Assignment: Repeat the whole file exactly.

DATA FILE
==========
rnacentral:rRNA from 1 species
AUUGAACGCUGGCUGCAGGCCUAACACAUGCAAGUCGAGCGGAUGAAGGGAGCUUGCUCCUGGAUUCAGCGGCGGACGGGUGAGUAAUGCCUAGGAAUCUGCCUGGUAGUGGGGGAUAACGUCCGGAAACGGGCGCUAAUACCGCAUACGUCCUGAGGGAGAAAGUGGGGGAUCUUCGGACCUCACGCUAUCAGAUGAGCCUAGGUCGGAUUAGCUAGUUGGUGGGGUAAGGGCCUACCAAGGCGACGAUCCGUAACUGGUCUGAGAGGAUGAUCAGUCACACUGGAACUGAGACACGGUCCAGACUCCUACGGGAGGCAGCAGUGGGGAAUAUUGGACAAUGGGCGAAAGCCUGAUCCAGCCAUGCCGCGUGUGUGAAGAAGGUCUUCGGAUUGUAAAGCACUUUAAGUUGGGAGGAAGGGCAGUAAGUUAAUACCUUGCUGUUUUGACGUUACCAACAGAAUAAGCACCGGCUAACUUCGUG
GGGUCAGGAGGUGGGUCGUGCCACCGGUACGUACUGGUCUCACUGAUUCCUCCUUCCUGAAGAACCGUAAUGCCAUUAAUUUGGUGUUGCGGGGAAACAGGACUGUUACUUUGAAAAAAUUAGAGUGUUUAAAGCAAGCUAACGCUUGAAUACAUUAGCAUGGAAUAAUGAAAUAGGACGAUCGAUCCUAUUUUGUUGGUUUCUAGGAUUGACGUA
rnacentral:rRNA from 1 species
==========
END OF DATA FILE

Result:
rnacentral:rRNA from 1 species
AUUGAACGCUGGCUGCAGGCCUAACACAUGCAAGUCGAGCGGAUGAAGGGAGCUUGCUCCUGGAUUCAGCGGCGGACGGGUGAGUAAUGCCUAGGAAUCUGCCUGGUAGUGGGGGAUAACGUCCGGAAACGGGCGCUAAUACCGCAUACGUCCUGAGGGAGAAAGUGGGGGAUCUUCGGACCUCACGCUAUCAGAUGAGCCUAGGUCGGAUUAGCUAGUUGGUGGGGUAAGGGCCUACCAAGGCGACGAUCCGUAACUGGUCUGAGAGGAUGAUCAGUCACACUGGAACUGAGACACGGUCCAGACUCCUACGGGAGGCAGCAGUGGGGAAUAUUGGACAAUGGGCGAAAGCCUGAUCCAGCCAUGCCGCGUGUGUGAAGAAGGUCUUCGGAUUGUAAAGCACUUUAAGUUGGGAGGAAGGGCAGUAAGUUAAUACCUUGCUGUUUUGACGUUACCAACAGAAUAAGCACCGGCUAACUUCGUG
GGGUCAGGAGGUGGGUCGUGCCACCGGUACGUACUGGUCUCACUGAUUCCUCCUUCCUGAAGAACCGUAAUGCCAUUAAUUUGGUGUUGCGGGGAAACAGGACUGUUACUUUGAAAAAAUUAGAGUGUUUAAAGCAAGCUAACGCUUGAAUACAUUAGCAUGGAAUAAUGAAAUAGGACGAUCGAUCCUAUUUUGUUGGUUUCUAGGAUUGACGUA
rnacentral:rRNA from 1 species